PlanPhilly

Planning Commission hears about Central Roxborough conservation district

On Tuesday, the Philadelphia City Planning Commission approved the creation of the Central Roxborough Neighborhood Conservation Overlay, just the second neighborhood in Philadelphia to have regulations protecting its small-town character. The ordinance (Bill No. 14086400.pdf), introduced by Fourth District Councilman Curtis Jones Jr., will be presented to the City Council Rules Committee on Dec. 2.
 
The effort to create an NCO in Roxborough was sparked by the demolition in Dec. 2012 of the Bunting House, a handsome, late 19th-century stone house on the 5900 block of Ridge Ave.
 
A group of Roxborough residents, who had been opposed to the razing of the Victorian structure for a planned fast-food restaurant, asked the Planning Commission what could be done in order to have more control over redevelopment in the community.
Lower Northwest Planning Commission staffer Matt Wysong described the one-year collaboration between the commission, the Central Roxborogh Civic Association and the councilman's staff. Wysong said the bill is complementary to a corrective rezoning bill that was enacted to prohibit the demolition of large lot homes.
 
The Central Roxborough/NCO applies to properties in the area generally bounded by Gates Street (both sides), Ridge Avenue, Hermitage Street, Manayunk Avenue (both sides), Green Lane (both sides), Dexter Street (both sides), Lyceum Avenue, Manayunk Avenue (both sides), Roxborough Avenue (both sides), Ridge Avenue, Dupont Street (both sides), Lawnton Street, Green Lane, Jannette Street, Monastery Avenue, and Henry Avenue, except for the parcels located in the Ridge Avenue/NCA.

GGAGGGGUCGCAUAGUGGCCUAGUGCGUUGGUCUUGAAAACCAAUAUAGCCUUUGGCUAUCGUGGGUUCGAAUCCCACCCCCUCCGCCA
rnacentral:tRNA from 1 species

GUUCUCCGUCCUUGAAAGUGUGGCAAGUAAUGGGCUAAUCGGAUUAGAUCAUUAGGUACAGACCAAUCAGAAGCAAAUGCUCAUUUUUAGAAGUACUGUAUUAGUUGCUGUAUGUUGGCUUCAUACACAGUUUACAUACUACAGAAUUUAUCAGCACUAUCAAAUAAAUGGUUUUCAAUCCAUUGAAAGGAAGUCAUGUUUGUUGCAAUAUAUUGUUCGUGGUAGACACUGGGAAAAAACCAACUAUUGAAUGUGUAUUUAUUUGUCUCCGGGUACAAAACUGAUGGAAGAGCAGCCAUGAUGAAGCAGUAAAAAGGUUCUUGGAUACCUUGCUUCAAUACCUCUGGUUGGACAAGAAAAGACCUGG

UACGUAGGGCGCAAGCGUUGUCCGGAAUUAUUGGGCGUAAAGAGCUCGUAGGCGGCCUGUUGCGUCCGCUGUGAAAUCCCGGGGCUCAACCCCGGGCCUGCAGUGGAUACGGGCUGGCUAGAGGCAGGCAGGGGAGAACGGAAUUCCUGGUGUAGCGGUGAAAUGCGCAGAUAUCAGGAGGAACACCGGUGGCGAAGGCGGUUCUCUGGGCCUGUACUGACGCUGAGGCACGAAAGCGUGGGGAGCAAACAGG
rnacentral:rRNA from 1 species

According to the bill, the Central Roxborough/NCO Overlay intends to protect the existing walkable character of the frontages in the Central Roxborough section of Philadelphia. Walkability serves the health, safety, and general welfare of the citizens by providing human-scaled design, interesting and  pedestrian friendly facades, and “eyes on the street,” all in close proximity to useful commercial destinations, parks, and transit.
 
These blocks and streets were selected for their relatively intact historic pattern. The design of new buildings should be consistent with the character-defining features of this overlay district, in terms of massing, vertical and horizontal articulation, fenestration proportions, and building materials.
 
The only other NCO in the city was created for Queen Village.
 
Watch the video of the PCPC presentation below.
 

About the author

Matt Golas, Founding Managing Editor, PlanPhilly

mgolas@whyy.org

c-610.733.2514  p-215.351.3351
B.A., The Catholic University of America
Golas worked in the daily newspaper business for 32 years, including 20 at The Philadelphia Inquirer, where he was Metropolitan Editor. He was also Executive Editor and Vice President of the Wilkes-Barre Times Leader.



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